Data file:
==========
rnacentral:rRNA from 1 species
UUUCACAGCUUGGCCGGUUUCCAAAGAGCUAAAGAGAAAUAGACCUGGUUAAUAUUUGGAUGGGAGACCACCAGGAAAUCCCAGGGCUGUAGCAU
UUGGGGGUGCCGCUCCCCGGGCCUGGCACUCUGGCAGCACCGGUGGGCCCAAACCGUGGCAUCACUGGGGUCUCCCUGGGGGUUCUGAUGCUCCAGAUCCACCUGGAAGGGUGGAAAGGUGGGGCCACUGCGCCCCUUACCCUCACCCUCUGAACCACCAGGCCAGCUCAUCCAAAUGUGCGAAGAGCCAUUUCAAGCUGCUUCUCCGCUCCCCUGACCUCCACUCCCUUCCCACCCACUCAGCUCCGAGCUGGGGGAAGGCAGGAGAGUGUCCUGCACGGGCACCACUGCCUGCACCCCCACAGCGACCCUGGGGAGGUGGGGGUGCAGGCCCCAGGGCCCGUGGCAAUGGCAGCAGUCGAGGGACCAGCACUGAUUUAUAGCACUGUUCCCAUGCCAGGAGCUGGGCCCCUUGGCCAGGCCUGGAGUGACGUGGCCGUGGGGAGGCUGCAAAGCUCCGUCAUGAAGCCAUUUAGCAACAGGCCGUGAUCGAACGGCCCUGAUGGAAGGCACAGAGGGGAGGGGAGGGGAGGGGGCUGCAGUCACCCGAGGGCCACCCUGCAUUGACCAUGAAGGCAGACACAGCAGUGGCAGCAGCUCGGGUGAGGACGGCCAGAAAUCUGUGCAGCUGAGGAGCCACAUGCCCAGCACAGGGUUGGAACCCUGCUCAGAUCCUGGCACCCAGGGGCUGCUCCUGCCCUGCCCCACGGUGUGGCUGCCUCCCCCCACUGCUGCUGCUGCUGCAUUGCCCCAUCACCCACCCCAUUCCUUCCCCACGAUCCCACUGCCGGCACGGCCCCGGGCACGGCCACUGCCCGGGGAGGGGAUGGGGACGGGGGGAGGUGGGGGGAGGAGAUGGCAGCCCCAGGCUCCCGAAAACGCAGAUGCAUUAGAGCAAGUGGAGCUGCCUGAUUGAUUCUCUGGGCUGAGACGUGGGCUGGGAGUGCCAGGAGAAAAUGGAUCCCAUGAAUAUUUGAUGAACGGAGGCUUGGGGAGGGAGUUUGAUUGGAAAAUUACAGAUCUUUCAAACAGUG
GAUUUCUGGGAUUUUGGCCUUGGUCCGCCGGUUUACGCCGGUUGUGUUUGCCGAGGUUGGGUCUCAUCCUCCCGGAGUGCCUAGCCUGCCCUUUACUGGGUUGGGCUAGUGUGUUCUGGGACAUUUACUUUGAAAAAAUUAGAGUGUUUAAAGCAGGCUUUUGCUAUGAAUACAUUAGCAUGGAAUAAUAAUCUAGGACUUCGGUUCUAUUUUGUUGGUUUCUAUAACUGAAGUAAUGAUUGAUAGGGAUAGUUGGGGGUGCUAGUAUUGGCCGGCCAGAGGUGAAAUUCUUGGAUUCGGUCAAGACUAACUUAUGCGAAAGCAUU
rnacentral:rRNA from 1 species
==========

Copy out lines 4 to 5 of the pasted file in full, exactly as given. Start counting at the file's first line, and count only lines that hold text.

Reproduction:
GAUUUCUGGGAUUUUGGCCUUGGUCCGCCGGUUUACGCCGGUUGUGUUUGCCGAGGUUGGGUCUCAUCCUCCCGGAGUGCCUAGCCUGCCCUUUACUGGGUUGGGCUAGUGUGUUCUGGGACAUUUACUUUGAAAAAAUUAGAGUGUUUAAAGCAGGCUUUUGCUAUGAAUACAUUAGCAUGGAAUAAUAAUCUAGGACUUCGGUUCUAUUUUGUUGGUUUCUAUAACUGAAGUAAUGAUUGAUAGGGAUAGUUGGGGGUGCUAGUAUUGGCCGGCCAGAGGUGAAAUUCUUGGAUUCGGUCAAGACUAACUUAUGCGAAAGCAUU
rnacentral:rRNA from 1 species